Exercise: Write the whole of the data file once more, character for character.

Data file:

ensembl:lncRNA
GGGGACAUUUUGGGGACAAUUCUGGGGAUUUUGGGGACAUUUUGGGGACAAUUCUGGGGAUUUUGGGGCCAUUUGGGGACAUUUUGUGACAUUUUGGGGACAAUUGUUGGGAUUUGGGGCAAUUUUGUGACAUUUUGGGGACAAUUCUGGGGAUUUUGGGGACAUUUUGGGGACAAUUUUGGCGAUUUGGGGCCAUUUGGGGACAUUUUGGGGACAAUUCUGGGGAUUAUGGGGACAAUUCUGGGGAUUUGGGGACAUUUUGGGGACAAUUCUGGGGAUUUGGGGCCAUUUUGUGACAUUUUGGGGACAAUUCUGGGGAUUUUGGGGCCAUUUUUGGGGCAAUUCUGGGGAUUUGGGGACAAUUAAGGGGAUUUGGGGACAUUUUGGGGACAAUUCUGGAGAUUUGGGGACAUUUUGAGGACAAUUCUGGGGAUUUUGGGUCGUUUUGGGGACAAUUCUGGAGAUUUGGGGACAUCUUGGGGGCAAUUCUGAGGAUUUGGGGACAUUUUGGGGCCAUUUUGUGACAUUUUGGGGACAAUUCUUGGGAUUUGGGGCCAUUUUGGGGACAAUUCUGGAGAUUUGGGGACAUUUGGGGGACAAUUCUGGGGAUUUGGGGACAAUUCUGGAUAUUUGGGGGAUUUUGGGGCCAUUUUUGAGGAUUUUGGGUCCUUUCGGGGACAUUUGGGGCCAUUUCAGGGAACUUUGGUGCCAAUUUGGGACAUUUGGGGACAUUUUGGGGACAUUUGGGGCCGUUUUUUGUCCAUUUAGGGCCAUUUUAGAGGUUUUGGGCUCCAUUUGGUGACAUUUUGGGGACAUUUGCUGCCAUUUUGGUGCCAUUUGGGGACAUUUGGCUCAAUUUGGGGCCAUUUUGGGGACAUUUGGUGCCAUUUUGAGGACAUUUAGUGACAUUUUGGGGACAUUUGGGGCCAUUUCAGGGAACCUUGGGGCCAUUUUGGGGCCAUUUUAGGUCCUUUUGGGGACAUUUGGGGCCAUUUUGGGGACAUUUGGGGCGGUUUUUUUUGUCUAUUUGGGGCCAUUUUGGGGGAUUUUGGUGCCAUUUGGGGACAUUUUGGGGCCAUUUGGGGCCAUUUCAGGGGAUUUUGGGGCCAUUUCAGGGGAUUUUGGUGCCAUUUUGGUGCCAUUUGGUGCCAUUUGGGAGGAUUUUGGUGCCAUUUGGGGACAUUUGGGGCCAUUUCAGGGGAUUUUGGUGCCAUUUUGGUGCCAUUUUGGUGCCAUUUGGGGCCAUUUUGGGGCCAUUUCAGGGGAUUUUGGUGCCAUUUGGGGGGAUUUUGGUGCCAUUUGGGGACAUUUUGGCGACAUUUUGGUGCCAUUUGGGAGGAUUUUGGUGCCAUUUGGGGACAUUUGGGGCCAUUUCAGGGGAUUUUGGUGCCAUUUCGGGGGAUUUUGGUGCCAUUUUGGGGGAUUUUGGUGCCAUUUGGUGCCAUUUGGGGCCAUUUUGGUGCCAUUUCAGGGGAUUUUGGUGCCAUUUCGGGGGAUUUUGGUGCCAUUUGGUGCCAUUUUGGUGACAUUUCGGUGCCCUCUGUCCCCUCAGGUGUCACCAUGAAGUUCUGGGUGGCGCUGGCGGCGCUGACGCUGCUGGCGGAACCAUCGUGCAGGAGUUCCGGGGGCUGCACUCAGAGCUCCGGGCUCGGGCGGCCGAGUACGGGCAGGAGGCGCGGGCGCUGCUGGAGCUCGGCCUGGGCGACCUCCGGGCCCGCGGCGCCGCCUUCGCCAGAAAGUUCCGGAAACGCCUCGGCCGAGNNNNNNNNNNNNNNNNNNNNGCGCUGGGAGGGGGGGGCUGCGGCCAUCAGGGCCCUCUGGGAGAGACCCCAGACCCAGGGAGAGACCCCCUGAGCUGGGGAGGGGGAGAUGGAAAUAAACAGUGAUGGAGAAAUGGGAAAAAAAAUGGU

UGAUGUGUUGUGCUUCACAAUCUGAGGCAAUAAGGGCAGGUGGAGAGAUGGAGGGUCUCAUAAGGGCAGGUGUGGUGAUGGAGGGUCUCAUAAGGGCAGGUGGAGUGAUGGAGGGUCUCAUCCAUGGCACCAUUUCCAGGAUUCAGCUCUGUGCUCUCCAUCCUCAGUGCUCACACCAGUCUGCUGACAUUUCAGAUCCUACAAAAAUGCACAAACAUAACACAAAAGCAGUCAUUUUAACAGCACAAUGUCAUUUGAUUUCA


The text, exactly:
ensembl:lncRNA
GGGGACAUUUUGGGGACAAUUCUGGGGAUUUUGGGGACAUUUUGGGGACAAUUCUGGGGAUUUUGGGGCCAUUUGGGGACAUUUUGUGACAUUUUGGGGACAAUUGUUGGGAUUUGGGGCAAUUUUGUGACAUUUUGGGGACAAUUCUGGGGAUUUUGGGGACAUUUUGGGGACAAUUUUGGCGAUUUGGGGCCAUUUGGGGACAUUUUGGGGACAAUUCUGGGGAUUAUGGGGACAAUUCUGGGGAUUUGGGGACAUUUUGGGGACAAUUCUGGGGAUUUGGGGCCAUUUUGUGACAUUUUGGGGACAAUUCUGGGGAUUUUGGGGCCAUUUUUGGGGCAAUUCUGGGGAUUUGGGGACAAUUAAGGGGAUUUGGGGACAUUUUGGGGACAAUUCUGGAGAUUUGGGGACAUUUUGAGGACAAUUCUGGGGAUUUUGGGUCGUUUUGGGGACAAUUCUGGAGAUUUGGGGACAUCUUGGGGGCAAUUCUGAGGAUUUGGGGACAUUUUGGGGCCAUUUUGUGACAUUUUGGGGACAAUUCUUGGGAUUUGGGGCCAUUUUGGGGACAAUUCUGGAGAUUUGGGGACAUUUGGGGGACAAUUCUGGGGAUUUGGGGACAAUUCUGGAUAUUUGGGGGAUUUUGGGGCCAUUUUUGAGGAUUUUGGGUCCUUUCGGGGACAUUUGGGGCCAUUUCAGGGAACUUUGGUGCCAAUUUGGGACAUUUGGGGACAUUUUGGGGACAUUUGGGGCCGUUUUUUGUCCAUUUAGGGCCAUUUUAGAGGUUUUGGGCUCCAUUUGGUGACAUUUUGGGGACAUUUGCUGCCAUUUUGGUGCCAUUUGGGGACAUUUGGCUCAAUUUGGGGCCAUUUUGGGGACAUUUGGUGCCAUUUUGAGGACAUUUAGUGACAUUUUGGGGACAUUUGGGGCCAUUUCAGGGAACCUUGGGGCCAUUUUGGGGCCAUUUUAGGUCCUUUUGGGGACAUUUGGGGCCAUUUUGGGGACAUUUGGGGCGGUUUUUUUUGUCUAUUUGGGGCCAUUUUGGGGGAUUUUGGUGCCAUUUGGGGACAUUUUGGGGCCAUUUGGGGCCAUUUCAGGGGAUUUUGGGGCCAUUUCAGGGGAUUUUGGUGCCAUUUUGGUGCCAUUUGGUGCCAUUUGGGAGGAUUUUGGUGCCAUUUGGGGACAUUUGGGGCCAUUUCAGGGGAUUUUGGUGCCAUUUUGGUGCCAUUUUGGUGCCAUUUGGGGCCAUUUUGGGGCCAUUUCAGGGGAUUUUGGUGCCAUUUGGGGGGAUUUUGGUGCCAUUUGGGGACAUUUUGGCGACAUUUUGGUGCCAUUUGGGAGGAUUUUGGUGCCAUUUGGGGACAUUUGGGGCCAUUUCAGGGGAUUUUGGUGCCAUUUCGGGGGAUUUUGGUGCCAUUUUGGGGGAUUUUGGUGCCAUUUGGUGCCAUUUGGGGCCAUUUUGGUGCCAUUUCAGGGGAUUUUGGUGCCAUUUCGGGGGAUUUUGGUGCCAUUUGGUGCCAUUUUGGUGACAUUUCGGUGCCCUCUGUCCCCUCAGGUGUCACCAUGAAGUUCUGGGUGGCGCUGGCGGCGCUGACGCUGCUGGCGGAACCAUCGUGCAGGAGUUCCGGGGGCUGCACUCAGAGCUCCGGGCUCGGGCGGCCGAGUACGGGCAGGAGGCGCGGGCGCUGCUGGAGCUCGGCCUGGGCGACCUCCGGGCCCGCGGCGCCGCCUUCGCCAGAAAGUUCCGGAAACGCCUCGGCCGAGNNNNNNNNNNNNNNNNNNNNGCGCUGGGAGGGGGGGGCUGCGGCCAUCAGGGCCCUCUGGGAGAGACCCCAGACCCAGGGAGAGACCCCCUGAGCUGGGGAGGGGGAGAUGGAAAUAAACAGUGAUGGAGAAAUGGGAAAAAAAAUGGU

UGAUGUGUUGUGCUUCACAAUCUGAGGCAAUAAGGGCAGGUGGAGAGAUGGAGGGUCUCAUAAGGGCAGGUGUGGUGAUGGAGGGUCUCAUAAGGGCAGGUGGAGUGAUGGAGGGUCUCAUCCAUGGCACCAUUUCCAGGAUUCAGCUCUGUGCUCUCCAUCCUCAGUGCUCACACCAGUCUGCUGACAUUUCAGAUCCUACAAAAAUGCACAAACAUAACACAAAAGCAGUCAUUUUAACAGCACAAUGUCAUUUGAUUUCA